Marine Propeller Resistance

  • Thread starter copria
  • Start date
16
0
Is there a noticable diffence in torque required to spin a marine propeller at a constant rpm (say 2000rpm) when under a different water column? (5m vs 35m)
 

mgb_phys

Science Advisor
Homework Helper
7,744
11
Not much, water isn't very compressible.
ussually the problem is running them near the surface, the impact from air onto the surface of the water causes cavitation.
 

russ_watters

Mentor
18,651
4,886
note, however, that cavitation is reduced with depth because of the pressure.
 
16
0
If I want to optimize the energy release from cavitation would it be better to have a shallow water column (producing larger amounts of cavitation) or a deep water column (larger force collapsing the cavitation bubble)?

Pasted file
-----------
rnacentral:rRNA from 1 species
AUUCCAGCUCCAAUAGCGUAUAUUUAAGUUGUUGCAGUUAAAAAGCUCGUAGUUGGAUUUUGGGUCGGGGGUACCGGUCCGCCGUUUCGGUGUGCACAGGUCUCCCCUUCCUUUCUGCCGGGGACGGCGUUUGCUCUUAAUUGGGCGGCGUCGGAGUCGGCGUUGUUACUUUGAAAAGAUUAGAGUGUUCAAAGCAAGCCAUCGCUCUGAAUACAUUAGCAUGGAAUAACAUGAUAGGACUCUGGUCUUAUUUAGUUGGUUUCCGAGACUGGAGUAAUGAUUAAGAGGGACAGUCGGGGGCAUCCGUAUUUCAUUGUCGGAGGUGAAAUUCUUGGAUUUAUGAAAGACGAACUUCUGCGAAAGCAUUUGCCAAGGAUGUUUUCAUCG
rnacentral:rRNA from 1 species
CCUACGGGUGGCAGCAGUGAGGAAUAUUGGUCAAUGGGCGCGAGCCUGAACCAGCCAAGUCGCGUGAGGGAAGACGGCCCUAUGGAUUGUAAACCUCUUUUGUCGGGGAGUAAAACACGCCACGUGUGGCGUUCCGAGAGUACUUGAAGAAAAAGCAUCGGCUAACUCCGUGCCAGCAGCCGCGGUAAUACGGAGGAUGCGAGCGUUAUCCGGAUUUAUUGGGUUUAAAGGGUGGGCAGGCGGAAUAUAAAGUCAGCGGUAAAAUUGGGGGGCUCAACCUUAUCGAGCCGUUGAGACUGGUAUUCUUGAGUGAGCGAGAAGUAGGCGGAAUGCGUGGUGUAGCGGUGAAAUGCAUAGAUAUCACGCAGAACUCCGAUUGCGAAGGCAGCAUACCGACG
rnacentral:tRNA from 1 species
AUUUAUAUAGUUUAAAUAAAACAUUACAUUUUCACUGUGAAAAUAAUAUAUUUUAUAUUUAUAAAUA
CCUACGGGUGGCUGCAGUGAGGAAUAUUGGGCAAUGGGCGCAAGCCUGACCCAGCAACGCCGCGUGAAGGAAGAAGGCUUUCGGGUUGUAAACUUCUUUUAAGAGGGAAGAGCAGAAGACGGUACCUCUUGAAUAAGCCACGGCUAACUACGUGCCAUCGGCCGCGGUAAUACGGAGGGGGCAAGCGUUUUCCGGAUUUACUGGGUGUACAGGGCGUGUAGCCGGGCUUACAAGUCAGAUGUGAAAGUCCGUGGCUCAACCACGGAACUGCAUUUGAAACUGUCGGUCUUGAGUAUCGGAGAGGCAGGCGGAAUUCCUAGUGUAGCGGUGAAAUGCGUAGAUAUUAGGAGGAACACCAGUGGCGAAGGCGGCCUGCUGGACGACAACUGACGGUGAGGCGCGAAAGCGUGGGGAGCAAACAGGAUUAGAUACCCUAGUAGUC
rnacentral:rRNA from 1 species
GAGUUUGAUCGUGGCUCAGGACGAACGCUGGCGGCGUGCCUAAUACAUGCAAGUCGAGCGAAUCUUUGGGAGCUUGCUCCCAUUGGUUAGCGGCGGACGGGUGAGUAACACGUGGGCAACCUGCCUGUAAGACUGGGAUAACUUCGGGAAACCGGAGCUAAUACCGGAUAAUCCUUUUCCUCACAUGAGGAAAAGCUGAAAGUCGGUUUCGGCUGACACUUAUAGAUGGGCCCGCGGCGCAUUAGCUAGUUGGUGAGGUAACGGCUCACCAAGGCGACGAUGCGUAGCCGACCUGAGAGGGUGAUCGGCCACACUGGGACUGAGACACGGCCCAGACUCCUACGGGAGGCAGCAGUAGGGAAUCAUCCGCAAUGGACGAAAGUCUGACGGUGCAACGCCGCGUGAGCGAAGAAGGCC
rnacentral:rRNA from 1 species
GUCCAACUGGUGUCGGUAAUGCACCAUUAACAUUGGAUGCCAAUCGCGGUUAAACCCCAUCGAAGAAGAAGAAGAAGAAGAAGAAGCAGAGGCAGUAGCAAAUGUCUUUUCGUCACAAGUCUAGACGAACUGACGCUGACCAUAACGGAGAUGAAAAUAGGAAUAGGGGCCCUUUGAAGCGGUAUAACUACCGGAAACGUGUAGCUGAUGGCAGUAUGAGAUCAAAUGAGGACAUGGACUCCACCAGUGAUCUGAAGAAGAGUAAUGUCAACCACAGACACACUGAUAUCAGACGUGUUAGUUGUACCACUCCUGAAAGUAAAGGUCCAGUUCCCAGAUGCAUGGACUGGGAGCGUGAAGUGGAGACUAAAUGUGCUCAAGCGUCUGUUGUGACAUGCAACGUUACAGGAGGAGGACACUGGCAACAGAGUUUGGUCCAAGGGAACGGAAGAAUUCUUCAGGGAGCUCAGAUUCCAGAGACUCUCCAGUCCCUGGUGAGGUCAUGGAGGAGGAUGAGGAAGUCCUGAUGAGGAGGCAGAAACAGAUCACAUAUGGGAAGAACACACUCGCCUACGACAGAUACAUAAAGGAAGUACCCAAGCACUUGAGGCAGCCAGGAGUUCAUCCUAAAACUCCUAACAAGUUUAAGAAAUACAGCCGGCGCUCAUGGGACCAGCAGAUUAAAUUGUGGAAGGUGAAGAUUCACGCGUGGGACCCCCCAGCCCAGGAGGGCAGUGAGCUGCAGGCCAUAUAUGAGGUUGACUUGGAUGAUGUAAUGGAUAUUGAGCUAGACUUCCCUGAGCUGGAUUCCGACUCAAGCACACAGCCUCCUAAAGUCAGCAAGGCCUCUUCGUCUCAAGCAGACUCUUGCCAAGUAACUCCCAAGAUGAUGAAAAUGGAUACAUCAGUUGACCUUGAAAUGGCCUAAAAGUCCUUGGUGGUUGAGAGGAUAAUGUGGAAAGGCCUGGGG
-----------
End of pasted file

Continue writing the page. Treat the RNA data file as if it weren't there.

or
Would both cases yield the same energy release?

assuming the propeller is at a constant speed
 
Last edited:

russ_watters

Mentor
18,651
4,886
Energy release? What energy release?
 
16
0
thermal energy release
 

russ_watters

Mentor
18,651
4,886
You mean you want to eliminate cavitation, right? Higher pressure reduces/eliminates cavitation, reducing energy/efficiency loss.
 
16
0
No, I want to create cavitation (like a cavitation water heater).

Sorry I did not specify earlier.
 

Related Threads for: Marine Propeller Resistance

  • Posted
Replies
4
Views
928
  • Posted
Replies
12
Views
2K
  • Posted
Replies
1
Views
4K
  • Posted
Replies
5
Views
1K
  • Posted
Replies
7
Views
2K

Physics Forums Values

We Value Quality
• Topics based on mainstream science
• Proper English grammar and spelling
We Value Civility
• Positive and compassionate attitudes
• Patience while debating
We Value Productivity
• Disciplined to remain on-topic
• Recognition of own weaknesses
• Solo and co-op problem solving

Hot Threads

Top